It’s been a long journey, but after weeks of browsing online listings and visiting apartment after apartment, you’ve finally found it. The one. The place you can hang your hat and call home.
Choosing an apartment is not something to take lightly. It’s a place you’ll spend much of your time in the next 12 months or so. Naturally, you want one that will be the best fit for your lifestyle and your budget.
Signing a lease is a big deal. What do you need to know before you add your signature to that dotted line?
Below, we’ve listed the most important questions to ask before committing to an apartment. Have a discussion with the prospective landlord or property manager about the following:
If you’re currently bound to a rental agreement at a different property, this question is especially important. You need an apartment that becomes available the day you move out! Check the fine print on this one because it can make all the difference.
A security deposit covers the damages you may cause to the unit while you live there. Upon moving out, your security deposit should be returned to you after any damages are factored in. Be sure to ask how much the security deposit is; usually, it’s between half of or a full month’s rent.
But if there is no damage to the rental unit, and you leave it in the same condition you received it in, then you should ask: “Is the security deposit refundable?”
Paying rent is an inevitable part of living in an apartment. But how do you pay rent?
These days, most tenants prefer to do online payments. It’s convenient and ensures the payment is received instantly.
Some property managers may want cheques. Ask what their preferred payment method is so that you aren’t in for a surprise come the 1st of the month.
You should also ask about late fees. See if your property manager will charge you for each day you’re late on rental payments (and by how much) or if they offer a grace period for payments that are a day or two late.
This varies from building to building. With some rentals, you may be required to cover the cost of electricity, heat, and water. With others, all you need to pay is the monthly rent.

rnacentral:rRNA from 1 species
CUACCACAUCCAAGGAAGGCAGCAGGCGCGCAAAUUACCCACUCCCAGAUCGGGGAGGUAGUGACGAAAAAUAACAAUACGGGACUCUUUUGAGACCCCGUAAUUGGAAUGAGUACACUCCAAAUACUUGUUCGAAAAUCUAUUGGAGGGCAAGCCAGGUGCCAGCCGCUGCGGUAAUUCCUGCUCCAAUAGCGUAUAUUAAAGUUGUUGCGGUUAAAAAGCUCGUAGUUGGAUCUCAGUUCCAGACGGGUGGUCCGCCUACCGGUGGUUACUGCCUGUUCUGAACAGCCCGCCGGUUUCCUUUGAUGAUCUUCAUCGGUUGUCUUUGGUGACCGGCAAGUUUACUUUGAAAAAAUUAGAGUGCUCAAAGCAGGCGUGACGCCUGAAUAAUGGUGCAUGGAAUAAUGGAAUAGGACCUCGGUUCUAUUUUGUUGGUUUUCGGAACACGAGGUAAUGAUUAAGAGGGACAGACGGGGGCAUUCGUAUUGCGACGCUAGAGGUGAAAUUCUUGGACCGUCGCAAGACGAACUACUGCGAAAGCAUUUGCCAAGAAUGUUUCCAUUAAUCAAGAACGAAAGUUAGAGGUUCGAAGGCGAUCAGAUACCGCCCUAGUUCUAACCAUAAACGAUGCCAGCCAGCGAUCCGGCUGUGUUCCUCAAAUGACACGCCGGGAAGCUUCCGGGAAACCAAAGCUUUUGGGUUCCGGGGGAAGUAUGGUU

Factor in utility costs when you’re budgeting for a place. For example, the rent alone may be affordable, but what if the place has baseboard heaters? Your heating bills in the winter may surpass $100/month, depending on the size of the apartment and how well-insulated it is.
Make sure to ask about utilities in advance of signing a lease. The property manager may be able to give you estimates of how much each utility will cost monthly.
And if you find out you’re responsible for paying certain utilities, you can set up accounts with those utility companies ahead of time.
On the fence about buying renter’s insurance? Your property manager may require that you purchase it before you move in.
And this isn’t a bad thing! Tenant insurance protects you in the event of a fire, theft incident, liability, and/or vandalism. This is separate from the insurance that your landlord has, which only covers the building itself—not the contents of your unit.
With tenant insurance, you can cover the cost of property damage and replace your belongings after an insured peril.
Does your apartment include a parking spot? What about the internet or cable? Is there a pet policy?
You can’t always have it all. But if you’re choosing between a few apartments, make a list of which amenities are most important to you. For example, if you drive a car, then you’ll need a parking spot more than cable TV.
In other words, how long does the lease last?
In most cases, leases last for 1 year. But they may be for 6 months, 18 months, or 2 years. This is an important thing to double-check before you sign off on the lease.
Here’s another question to ask: If you decide to leave your apartment before the lease is up, what’s the policy for ending the lease early? Check on how much notice is required and if you need to find someone to sublet it.
It happens: As careful as you are, sometimes things break down. It could be your fridge; it could be your heating system. You rely on these appliances to keep your food fresh and your apartment safe. Timely repairs are crucial. If something goes wrong, who do you call?
Ideally, you want to live somewhere maintenance requests are handled promptly. Find out how the property manager handles maintenance requests—and how quickly you can expect a response when something goes wrong.
Are you moving in with a roommate or partner? Ask the property manager what the protocol is when one person fails to pay rent.
Since both of your names are on the lease, this is especially important. You may be financially responsible for upholding your roommate’s half of the rent if they fail to pay. Find out what will happen if one person starts missing payments or moves out suddenly.
Before you sign along the dotted line, make sure you’re crystal clear on all the lease terms.
Haven’t found the right place just yet? At Globe Property Management, we help you find the best rental apartment to suit your needs. We pair top-notch property management with beautiful suites. On our website, you’ll find dozens of Winnipeg apartments for rent. Contact us today!